Regional councils could fail to meet next year’s deadline for implementing land and water plans as they wait policy change details from the coalition government.
Doug Leeder, Local Government NZ’s regional sector chair, said most regional councils are likely to continue developing the plans but at a slower pace, which could mean deferring the implementation deadline of December next year.
“Regional councils are likely to say, ‘Let’s slow the process until we know the direction of the new government,’” Leeder said.
But a Federated Farmers letter to Northland, Horizons and Southland regional councils, seeking a pause in work that is already well advanced, appears to have gone unheeded.
Southland and Horizons have told the Farmers Weekly they will continue, although they have extended deadlines for submissions and consultation.
The letter says the pace of the process is causing stress among farmers and the plans may not be consistent with the policies of the new government.
Leeder said most councils are in the early stages of developing plans.
He said the principles behind Farm Environment Plans, a key component of the policy, remain but some specific criteria in plans, such as fertiliser application, could change.
Councils can still set regulations within their own regions but these cannot be less than national guidelines.
Horizons Regional Council chief executive Michael McCartney said the council will continue its policy work but will be watching for any adjustments made by central government.
The time frame for community engagement has been extended to acknowledge the pressure.
Similarly, Environment Southland has no intention of pausing its work.
Writing to Federated Farmers, chair Nicol Horrell and chief executive Wilma Falconer said the council is looking for a “Southland solution” to improve the state of the region’s rivers and estuaries.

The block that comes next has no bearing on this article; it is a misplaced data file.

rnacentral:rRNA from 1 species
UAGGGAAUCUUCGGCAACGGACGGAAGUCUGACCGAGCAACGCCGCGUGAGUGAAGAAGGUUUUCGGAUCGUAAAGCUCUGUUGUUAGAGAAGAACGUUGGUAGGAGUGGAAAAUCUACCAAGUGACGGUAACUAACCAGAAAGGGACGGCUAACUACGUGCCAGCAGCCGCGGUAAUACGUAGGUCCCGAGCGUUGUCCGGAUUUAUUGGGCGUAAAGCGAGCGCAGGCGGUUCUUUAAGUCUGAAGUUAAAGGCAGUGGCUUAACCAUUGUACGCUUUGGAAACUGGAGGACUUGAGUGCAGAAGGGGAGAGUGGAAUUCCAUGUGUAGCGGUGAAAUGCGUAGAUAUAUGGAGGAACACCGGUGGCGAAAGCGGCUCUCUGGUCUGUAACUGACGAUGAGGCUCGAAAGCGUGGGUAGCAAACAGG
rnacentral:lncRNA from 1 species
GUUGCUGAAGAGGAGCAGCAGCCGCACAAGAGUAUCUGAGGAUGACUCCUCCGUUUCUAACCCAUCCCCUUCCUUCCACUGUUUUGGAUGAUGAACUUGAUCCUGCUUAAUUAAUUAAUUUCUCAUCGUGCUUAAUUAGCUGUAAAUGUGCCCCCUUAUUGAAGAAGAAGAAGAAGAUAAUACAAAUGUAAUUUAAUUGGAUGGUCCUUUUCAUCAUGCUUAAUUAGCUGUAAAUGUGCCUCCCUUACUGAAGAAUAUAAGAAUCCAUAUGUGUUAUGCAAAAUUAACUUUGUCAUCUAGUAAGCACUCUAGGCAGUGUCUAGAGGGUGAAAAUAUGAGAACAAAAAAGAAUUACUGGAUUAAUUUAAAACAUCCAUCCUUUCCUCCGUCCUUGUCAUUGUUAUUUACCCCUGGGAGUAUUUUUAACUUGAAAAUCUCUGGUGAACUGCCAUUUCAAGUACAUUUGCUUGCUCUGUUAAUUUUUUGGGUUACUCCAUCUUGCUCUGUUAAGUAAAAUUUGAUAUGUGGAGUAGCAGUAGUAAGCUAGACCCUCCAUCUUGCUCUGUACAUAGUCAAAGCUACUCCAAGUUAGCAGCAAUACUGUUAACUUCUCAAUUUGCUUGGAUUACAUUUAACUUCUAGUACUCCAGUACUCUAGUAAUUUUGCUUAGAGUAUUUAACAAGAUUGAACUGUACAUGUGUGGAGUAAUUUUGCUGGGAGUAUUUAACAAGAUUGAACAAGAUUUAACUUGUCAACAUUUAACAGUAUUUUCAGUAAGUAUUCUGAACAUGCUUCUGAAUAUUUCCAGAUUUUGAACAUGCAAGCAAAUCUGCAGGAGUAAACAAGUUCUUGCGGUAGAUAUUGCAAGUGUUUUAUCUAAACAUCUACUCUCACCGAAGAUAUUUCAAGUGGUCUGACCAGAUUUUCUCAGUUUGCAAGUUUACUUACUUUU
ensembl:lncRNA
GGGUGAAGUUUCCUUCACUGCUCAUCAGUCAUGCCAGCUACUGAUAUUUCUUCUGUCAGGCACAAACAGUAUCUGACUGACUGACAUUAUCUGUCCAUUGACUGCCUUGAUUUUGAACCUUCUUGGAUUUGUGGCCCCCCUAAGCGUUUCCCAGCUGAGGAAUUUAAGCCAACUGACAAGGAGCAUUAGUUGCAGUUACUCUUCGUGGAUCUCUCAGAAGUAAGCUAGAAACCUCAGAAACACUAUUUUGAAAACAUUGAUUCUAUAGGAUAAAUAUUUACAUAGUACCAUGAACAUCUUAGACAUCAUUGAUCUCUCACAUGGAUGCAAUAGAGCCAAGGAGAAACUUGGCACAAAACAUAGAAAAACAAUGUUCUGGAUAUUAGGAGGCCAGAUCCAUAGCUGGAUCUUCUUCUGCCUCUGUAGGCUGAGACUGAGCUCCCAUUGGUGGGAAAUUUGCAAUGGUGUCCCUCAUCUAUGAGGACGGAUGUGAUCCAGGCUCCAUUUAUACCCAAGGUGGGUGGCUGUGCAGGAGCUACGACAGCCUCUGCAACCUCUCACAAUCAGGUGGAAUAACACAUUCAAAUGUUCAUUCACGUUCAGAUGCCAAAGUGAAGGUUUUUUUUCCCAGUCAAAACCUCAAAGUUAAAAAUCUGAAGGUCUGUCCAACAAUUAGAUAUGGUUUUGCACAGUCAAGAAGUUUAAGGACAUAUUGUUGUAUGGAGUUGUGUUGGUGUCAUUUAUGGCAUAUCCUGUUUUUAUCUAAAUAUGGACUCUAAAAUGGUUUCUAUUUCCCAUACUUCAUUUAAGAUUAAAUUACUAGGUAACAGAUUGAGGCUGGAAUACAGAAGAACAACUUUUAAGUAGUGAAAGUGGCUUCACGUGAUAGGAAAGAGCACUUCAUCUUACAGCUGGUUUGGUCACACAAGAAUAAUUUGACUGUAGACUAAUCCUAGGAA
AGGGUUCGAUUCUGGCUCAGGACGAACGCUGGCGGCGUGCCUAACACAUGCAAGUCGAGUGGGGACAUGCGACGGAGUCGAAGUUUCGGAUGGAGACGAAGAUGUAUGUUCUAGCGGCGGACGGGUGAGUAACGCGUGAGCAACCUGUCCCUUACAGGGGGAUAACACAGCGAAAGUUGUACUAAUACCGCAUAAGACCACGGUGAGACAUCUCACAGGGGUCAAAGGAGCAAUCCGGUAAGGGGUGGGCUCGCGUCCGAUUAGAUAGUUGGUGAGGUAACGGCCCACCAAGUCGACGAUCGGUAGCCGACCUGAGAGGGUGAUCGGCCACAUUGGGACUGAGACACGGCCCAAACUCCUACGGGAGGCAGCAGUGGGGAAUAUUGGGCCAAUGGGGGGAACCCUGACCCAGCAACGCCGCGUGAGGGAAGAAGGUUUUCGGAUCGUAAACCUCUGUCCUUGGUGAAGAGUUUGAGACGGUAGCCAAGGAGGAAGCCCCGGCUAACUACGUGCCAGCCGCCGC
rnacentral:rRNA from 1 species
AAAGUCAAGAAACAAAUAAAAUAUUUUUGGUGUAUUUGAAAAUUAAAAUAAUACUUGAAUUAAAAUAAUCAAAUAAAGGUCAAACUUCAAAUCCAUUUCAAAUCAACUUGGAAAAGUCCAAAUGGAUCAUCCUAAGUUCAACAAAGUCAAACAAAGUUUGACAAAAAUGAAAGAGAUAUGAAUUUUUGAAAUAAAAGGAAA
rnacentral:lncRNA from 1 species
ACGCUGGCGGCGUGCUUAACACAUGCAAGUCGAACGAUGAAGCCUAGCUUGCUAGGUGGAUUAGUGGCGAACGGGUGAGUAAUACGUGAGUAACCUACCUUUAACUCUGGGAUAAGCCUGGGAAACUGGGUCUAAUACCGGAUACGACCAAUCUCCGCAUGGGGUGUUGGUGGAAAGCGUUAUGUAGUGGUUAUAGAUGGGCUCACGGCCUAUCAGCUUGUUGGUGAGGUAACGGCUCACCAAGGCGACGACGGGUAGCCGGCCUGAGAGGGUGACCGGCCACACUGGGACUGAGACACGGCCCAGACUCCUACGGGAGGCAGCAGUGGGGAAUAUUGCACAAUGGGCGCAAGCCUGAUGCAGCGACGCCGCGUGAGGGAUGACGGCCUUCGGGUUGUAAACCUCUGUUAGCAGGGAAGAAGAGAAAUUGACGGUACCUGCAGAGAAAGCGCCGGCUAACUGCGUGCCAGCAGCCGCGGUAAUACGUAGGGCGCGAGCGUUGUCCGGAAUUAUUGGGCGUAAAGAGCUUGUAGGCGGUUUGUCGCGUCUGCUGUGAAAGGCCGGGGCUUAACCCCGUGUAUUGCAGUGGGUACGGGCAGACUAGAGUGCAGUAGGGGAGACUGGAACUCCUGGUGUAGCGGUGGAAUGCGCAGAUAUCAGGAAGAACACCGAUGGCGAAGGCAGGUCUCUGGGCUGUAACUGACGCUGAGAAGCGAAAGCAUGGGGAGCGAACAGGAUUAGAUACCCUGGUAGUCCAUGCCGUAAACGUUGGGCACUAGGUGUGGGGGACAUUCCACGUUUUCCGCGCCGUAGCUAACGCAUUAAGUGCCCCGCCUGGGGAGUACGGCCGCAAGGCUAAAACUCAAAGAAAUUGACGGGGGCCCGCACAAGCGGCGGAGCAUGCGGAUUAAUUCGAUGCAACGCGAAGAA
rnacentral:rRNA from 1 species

“While the national regulatory framework may change, the underlying need for continued improvement in environmental outcomes in the region remains an imperative.”
Otago Regional Council chief executive Richard Saunders said its aim is to notify its new plan by the end of June next year.
While it has national obligations, Saunders said the council has to improve water quality and its current plan is out of date and needs replacing.
“There will be time before notification to reassess the plan against any changes that may be made, however, it is important that we carry on with this significant piece of work.”
The coalition agreement between coalition partners NZ First, ACT and National calls for the replacement of the NPS for Freshwater Management and the National Environmental Standards for Freshwater to “better reflect the interests of all water users and to give councils more flexibility in how they meet environmental limits”.
The agreement will also investigate how to exempt councils from obligations under the NPS for Freshwater Management.
• In Northland, the newly elected chair of Northland Regional Council, Geoff Crawford, says he is awaiting a freshwater policy redirection from the National-led coalition government.
Hugh Stringleman reports that the NRC consultation on stock exclusion proposals will continue in order to collect data and have landowners and submitters make their views known.
“We all want better outcomes for water, farmers included, but it is a multi-generational journey,” Crawford said.
The previous government’s National Policy Statement on Freshwater Management was “dictating to future generations”.
“It hit the speed-dial and risked potentially disastrous outcomes for waterways, farms and the regional economy,” he said.
Crawford and fellow councillors and farmers John Blackwell and Joe Carr, along with former chair Tui Shortland and Te Rāki Māori Constituency councillor Peter-Lucas Jones, voted to supplant four left-leaning councillors on leading committees.
Crawford said the replacements will lead to positive outcomes for the region and that all councillors are passionate about their roles.